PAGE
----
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America’s Nuclear Weapons Are Dangerously Out of Date 

By U.S. Senators Deb Fischer (R-Neb.) and Roger Wicker (R-Miss.)

Wall Street Journal

For more than 75 years, U.S. nuclear forces have underpinned American power and kept our homeland safe. The Soviets understood our stockpile’s potential, which kept them from moving against us. That stockpile has deterred a host of other enemies since.

This makes the preservation of our nuclear shield nonnegotiable. But critical updates to our arsenal are underfunded and behind schedule. Congress and the White House must act quickly to solve these problems and prevent more from emerging.

Over the past decade, the Defense and Energy departments have developed replacements for our Cold War-era nuclear forces. Chief among them is the Sentinel intercontinental ballistic missile. This new weapon would replace the nearly 60-year-old Minuteman III ICBM and its supporting infrastructure, both of which are almost obsolete. The Sentinel would not only be more capable and resilient than the Minuteman III, but also easier to maintain and upgrade.

This replacement has proved easier said than done. On Jan. 18, the Pentagon notified Congress that Sentinel breached its Nunn-McCurdy cost threshold. In other words, the program would?be over budget.

Sentinel would be the largest U.S. government civil works project since the completion of the interstate highway system in the 1990s. Drawing on initiatives from more than 50 government agencies and across 45 states, it is the most complex acquisition program the Air Force has ever undertaken.

Attempting anything on such a scale is fraught with risk, so the Air Force’s announcement that Sentinel is suffering cost overruns and potential delays isn’t surprising. For a decade, defense experts have?cautioned?about the logistical, technical and resourcing challenges facing the necessary replacement for the Minuteman III.

Sentinel might have weathered such challenges if defense planners and the White House had handled them appropriately. Yet President Biden, like many previous administrations, ignored the relevant warnings. On the campaign trail, Mr. Biden and his advisers were?hostile?to nuclear modernization,?vowing?to eliminate critical programs and?enact?policies that would have undercut U.S. credibility with allies. China’s buildup, Russia’s continued aggression, and North Korea’s and Iran’s nuclear ambitions have kept the president’s advisers from deserting the rebuild. They are, nevertheless, playing political games that cost time and money. The administration remains stubbornly unwilling to prepare for a world in which we face not one but two peer nuclear adversaries.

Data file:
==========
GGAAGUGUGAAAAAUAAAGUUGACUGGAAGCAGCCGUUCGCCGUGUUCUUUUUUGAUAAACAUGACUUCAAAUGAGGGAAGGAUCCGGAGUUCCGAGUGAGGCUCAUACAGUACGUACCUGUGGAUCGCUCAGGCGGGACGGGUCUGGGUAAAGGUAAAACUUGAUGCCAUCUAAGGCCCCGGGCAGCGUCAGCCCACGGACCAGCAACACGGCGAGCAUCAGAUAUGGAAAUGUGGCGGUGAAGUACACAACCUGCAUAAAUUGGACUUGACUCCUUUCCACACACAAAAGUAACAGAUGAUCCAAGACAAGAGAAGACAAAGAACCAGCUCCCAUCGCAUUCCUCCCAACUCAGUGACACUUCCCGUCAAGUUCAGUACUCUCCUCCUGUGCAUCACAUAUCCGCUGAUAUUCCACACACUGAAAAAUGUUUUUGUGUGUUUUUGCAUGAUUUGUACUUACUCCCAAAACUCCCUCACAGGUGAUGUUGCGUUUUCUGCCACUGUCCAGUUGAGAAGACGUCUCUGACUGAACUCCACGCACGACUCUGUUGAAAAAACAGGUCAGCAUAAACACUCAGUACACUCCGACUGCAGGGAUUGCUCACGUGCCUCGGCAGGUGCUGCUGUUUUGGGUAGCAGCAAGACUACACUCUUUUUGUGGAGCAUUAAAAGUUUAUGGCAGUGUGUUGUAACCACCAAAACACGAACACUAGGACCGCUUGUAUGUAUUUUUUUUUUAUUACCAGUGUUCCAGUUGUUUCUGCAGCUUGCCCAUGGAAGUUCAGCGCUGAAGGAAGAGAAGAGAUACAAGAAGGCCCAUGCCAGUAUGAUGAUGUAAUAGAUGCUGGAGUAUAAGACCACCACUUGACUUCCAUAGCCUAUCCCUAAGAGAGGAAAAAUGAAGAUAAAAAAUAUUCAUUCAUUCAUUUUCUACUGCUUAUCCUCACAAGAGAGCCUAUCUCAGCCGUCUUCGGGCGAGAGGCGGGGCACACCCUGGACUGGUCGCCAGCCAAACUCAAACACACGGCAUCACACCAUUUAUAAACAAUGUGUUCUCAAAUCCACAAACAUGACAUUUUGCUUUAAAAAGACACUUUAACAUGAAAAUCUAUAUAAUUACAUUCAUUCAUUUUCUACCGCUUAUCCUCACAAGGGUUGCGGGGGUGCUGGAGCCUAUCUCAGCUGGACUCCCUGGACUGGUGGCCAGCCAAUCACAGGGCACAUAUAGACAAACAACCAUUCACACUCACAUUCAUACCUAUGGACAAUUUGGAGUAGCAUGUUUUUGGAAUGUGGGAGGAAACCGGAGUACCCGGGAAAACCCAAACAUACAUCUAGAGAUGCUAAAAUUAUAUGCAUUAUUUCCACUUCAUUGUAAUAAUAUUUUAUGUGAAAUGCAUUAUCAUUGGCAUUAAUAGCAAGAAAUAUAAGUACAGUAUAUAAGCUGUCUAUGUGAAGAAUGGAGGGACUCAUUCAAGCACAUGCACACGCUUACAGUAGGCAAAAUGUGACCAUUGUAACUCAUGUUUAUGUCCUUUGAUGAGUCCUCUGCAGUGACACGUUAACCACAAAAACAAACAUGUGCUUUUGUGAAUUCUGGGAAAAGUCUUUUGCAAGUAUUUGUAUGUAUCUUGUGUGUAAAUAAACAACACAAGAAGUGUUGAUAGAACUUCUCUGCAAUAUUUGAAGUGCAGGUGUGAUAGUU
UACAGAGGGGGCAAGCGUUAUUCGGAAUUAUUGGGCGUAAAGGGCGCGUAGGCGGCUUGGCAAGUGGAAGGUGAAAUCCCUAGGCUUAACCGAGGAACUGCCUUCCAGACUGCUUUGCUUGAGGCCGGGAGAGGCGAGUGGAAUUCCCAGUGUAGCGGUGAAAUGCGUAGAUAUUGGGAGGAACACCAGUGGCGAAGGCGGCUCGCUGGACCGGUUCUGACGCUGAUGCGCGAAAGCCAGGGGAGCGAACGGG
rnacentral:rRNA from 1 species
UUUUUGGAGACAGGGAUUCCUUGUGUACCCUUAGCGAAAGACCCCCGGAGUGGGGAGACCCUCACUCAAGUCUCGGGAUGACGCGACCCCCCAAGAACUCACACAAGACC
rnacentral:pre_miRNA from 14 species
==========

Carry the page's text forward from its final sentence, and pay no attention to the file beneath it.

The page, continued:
Satellite imagery reveals that China has built more than 300?new ICBM silos since at least 2021—more than the U.S. has constructed in the last five decades. Beijing has tested a new weapon capable of orbital nuclear attacks with almost no warning and set a pace to exceed the size of the U.S. nuclear arsenal by 2030. Russia already commands the world’s largest nuclear force. It is now fielding heavy ICBMs of almost unlimited range. The Kremlin also boasts a 10-to-1 advantage over the U.S. in shorter-range tactical nuclear weapons, as well as intercontinental-range nuclear-powered torpedoes and cruise missiles.?

Unfortunately the Biden administration’s economic policies and anemic military support have forced Sentinel—and all our urgently needed modernization efforts—to overcome staggering inflation and a lack of crucial technology suppliers, skilled labor and raw materials. As suppliers struggle to guarantee a steady low-cost supply?of steel and cement, the costs of Sentinel will rise dramatically. This administration, including the Pentagon, had ample opportunities to encourage innovation, demand program performance, and push for expanded domestic industrial capacity.

Despite these challenges, abandoning or downsizing Sentinel isn’t an option. Our nation’s safety and prosperity depend on an updated and fully operational nuclear deterrent.

As the ranking members of the Senate Armed Services Committee and the Strategic Forces Subcommittee, we will use all congressional oversight tools to maximize taxpayer investment in the Sentinel program. Expanding training for skilled workers, applying the Defense Production Act to broaden construction commodity availability and stabilize inflation, and restoring America’s position as the global hub for manufacturing innovation all would receive bipartisan backing.

We must hold the administration accountable for its failures. But to make up for decades of neglect, our colleagues in Congress must also commit to restoring U.S. industrial health and developing the workforce required to keep America’s nuclear forces armed and ready for any challenge.

Mr. Wicker and Ms. Fischer, both Republicans, are U.S. senators from Mississippi and Nebraska, respectively.